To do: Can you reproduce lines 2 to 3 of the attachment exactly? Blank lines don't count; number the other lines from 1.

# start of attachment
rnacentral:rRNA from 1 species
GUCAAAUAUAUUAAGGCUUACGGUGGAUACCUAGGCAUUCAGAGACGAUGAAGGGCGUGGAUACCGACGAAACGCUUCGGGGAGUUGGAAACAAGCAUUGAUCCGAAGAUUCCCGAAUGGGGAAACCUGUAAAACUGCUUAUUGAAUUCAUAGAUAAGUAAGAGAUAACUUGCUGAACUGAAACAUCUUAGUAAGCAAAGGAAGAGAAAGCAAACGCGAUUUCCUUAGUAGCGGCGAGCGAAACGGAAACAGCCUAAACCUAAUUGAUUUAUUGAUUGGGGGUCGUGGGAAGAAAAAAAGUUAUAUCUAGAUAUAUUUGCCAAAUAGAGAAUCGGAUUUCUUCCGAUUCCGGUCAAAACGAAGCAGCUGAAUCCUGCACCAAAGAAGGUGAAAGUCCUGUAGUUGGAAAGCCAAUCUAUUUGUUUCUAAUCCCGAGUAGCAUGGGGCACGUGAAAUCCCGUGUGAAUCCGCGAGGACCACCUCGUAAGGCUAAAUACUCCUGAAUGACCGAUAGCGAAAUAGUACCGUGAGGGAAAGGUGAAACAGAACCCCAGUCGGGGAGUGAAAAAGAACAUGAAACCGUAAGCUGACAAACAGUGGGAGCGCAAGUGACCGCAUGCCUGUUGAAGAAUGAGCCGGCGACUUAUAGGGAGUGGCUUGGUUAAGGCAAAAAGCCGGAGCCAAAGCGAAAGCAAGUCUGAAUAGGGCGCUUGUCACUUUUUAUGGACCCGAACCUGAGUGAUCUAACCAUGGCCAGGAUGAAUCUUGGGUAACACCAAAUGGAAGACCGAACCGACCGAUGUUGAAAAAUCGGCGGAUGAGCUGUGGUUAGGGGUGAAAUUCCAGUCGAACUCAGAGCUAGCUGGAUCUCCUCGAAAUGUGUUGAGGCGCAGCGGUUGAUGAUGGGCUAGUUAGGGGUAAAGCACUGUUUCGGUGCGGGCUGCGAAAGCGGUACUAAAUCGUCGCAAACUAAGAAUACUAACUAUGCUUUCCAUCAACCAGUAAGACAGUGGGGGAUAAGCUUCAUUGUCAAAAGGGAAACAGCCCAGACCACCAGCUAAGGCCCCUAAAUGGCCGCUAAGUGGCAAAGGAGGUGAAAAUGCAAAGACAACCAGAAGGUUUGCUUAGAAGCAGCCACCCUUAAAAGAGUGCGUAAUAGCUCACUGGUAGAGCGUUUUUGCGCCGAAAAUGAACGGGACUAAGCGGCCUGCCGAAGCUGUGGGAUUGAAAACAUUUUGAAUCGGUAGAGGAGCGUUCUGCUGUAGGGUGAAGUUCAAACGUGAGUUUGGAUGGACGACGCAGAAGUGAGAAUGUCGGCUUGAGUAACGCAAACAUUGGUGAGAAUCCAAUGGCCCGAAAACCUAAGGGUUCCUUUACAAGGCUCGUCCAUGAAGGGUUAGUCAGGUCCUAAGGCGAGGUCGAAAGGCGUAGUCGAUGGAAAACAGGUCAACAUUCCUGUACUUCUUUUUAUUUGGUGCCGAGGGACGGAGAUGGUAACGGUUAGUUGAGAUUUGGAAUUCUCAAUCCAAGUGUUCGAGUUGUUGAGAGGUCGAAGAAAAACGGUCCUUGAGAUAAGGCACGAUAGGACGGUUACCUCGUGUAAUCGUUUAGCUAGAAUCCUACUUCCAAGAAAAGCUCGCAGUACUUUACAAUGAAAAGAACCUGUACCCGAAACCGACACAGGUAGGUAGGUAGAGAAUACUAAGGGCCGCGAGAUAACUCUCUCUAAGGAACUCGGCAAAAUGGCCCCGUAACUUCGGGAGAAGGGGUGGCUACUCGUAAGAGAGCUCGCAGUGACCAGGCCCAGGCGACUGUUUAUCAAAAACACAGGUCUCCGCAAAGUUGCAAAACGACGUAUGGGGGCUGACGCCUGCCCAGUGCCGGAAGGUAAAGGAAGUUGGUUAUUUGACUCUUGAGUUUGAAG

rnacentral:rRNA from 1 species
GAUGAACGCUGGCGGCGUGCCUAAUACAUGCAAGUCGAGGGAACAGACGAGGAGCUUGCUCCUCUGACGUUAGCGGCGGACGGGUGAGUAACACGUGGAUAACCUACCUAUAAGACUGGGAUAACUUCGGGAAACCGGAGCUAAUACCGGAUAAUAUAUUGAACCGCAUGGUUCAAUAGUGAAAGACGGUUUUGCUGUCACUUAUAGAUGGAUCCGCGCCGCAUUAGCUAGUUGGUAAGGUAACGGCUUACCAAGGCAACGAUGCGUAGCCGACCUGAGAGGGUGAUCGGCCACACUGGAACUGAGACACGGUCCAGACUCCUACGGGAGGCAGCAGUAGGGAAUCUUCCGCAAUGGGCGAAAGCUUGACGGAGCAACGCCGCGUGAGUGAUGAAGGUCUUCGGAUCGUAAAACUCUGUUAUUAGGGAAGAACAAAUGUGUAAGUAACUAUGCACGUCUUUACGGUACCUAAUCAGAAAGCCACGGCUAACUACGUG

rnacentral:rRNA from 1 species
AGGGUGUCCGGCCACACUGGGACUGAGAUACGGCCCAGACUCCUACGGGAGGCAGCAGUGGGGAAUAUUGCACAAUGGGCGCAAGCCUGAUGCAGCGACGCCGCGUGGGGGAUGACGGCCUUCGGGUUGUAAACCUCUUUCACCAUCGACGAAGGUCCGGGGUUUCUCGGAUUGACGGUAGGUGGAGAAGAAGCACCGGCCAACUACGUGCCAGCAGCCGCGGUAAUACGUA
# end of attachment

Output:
GUCAAAUAUAUUAAGGCUUACGGUGGAUACCUAGGCAUUCAGAGACGAUGAAGGGCGUGGAUACCGACGAAACGCUUCGGGGAGUUGGAAACAAGCAUUGAUCCGAAGAUUCCCGAAUGGGGAAACCUGUAAAACUGCUUAUUGAAUUCAUAGAUAAGUAAGAGAUAACUUGCUGAACUGAAACAUCUUAGUAAGCAAAGGAAGAGAAAGCAAACGCGAUUUCCUUAGUAGCGGCGAGCGAAACGGAAACAGCCUAAACCUAAUUGAUUUAUUGAUUGGGGGUCGUGGGAAGAAAAAAAGUUAUAUCUAGAUAUAUUUGCCAAAUAGAGAAUCGGAUUUCUUCCGAUUCCGGUCAAAACGAAGCAGCUGAAUCCUGCACCAAAGAAGGUGAAAGUCCUGUAGUUGGAAAGCCAAUCUAUUUGUUUCUAAUCCCGAGUAGCAUGGGGCACGUGAAAUCCCGUGUGAAUCCGCGAGGACCACCUCGUAAGGCUAAAUACUCCUGAAUGACCGAUAGCGAAAUAGUACCGUGAGGGAAAGGUGAAACAGAACCCCAGUCGGGGAGUGAAAAAGAACAUGAAACCGUAAGCUGACAAACAGUGGGAGCGCAAGUGACCGCAUGCCUGUUGAAGAAUGAGCCGGCGACUUAUAGGGAGUGGCUUGGUUAAGGCAAAAAGCCGGAGCCAAAGCGAAAGCAAGUCUGAAUAGGGCGCUUGUCACUUUUUAUGGACCCGAACCUGAGUGAUCUAACCAUGGCCAGGAUGAAUCUUGGGUAACACCAAAUGGAAGACCGAACCGACCGAUGUUGAAAAAUCGGCGGAUGAGCUGUGGUUAGGGGUGAAAUUCCAGUCGAACUCAGAGCUAGCUGGAUCUCCUCGAAAUGUGUUGAGGCGCAGCGGUUGAUGAUGGGCUAGUUAGGGGUAAAGCACUGUUUCGGUGCGGGCUGCGAAAGCGGUACUAAAUCGUCGCAAACUAAGAAUACUAACUAUGCUUUCCAUCAACCAGUAAGACAGUGGGGGAUAAGCUUCAUUGUCAAAAGGGAAACAGCCCAGACCACCAGCUAAGGCCCCUAAAUGGCCGCUAAGUGGCAAAGGAGGUGAAAAUGCAAAGACAACCAGAAGGUUUGCUUAGAAGCAGCCACCCUUAAAAGAGUGCGUAAUAGCUCACUGGUAGAGCGUUUUUGCGCCGAAAAUGAACGGGACUAAGCGGCCUGCCGAAGCUGUGGGAUUGAAAACAUUUUGAAUCGGUAGAGGAGCGUUCUGCUGUAGGGUGAAGUUCAAACGUGAGUUUGGAUGGACGACGCAGAAGUGAGAAUGUCGGCUUGAGUAACGCAAACAUUGGUGAGAAUCCAAUGGCCCGAAAACCUAAGGGUUCCUUUACAAGGCUCGUCCAUGAAGGGUUAGUCAGGUCCUAAGGCGAGGUCGAAAGGCGUAGUCGAUGGAAAACAGGUCAACAUUCCUGUACUUCUUUUUAUUUGGUGCCGAGGGACGGAGAUGGUAACGGUUAGUUGAGAUUUGGAAUUCUCAAUCCAAGUGUUCGAGUUGUUGAGAGGUCGAAGAAAAACGGUCCUUGAGAUAAGGCACGAUAGGACGGUUACCUCGUGUAAUCGUUUAGCUAGAAUCCUACUUCCAAGAAAAGCUCGCAGUACUUUACAAUGAAAAGAACCUGUACCCGAAACCGACACAGGUAGGUAGGUAGAGAAUACUAAGGGCCGCGAGAUAACUCUCUCUAAGGAACUCGGCAAAAUGGCCCCGUAACUUCGGGAGAAGGGGUGGCUACUCGUAAGAGAGCUCGCAGUGACCAGGCCCAGGCGACUGUUUAUCAAAAACACAGGUCUCCGCAAAGUUGCAAAACGACGUAUGGGGGCUGACGCCUGCCCAGUGCCGGAAGGUAAAGGAAGUUGGUUAUUUGACUCUUGAGUUUGAAG

rnacentral:rRNA from 1 species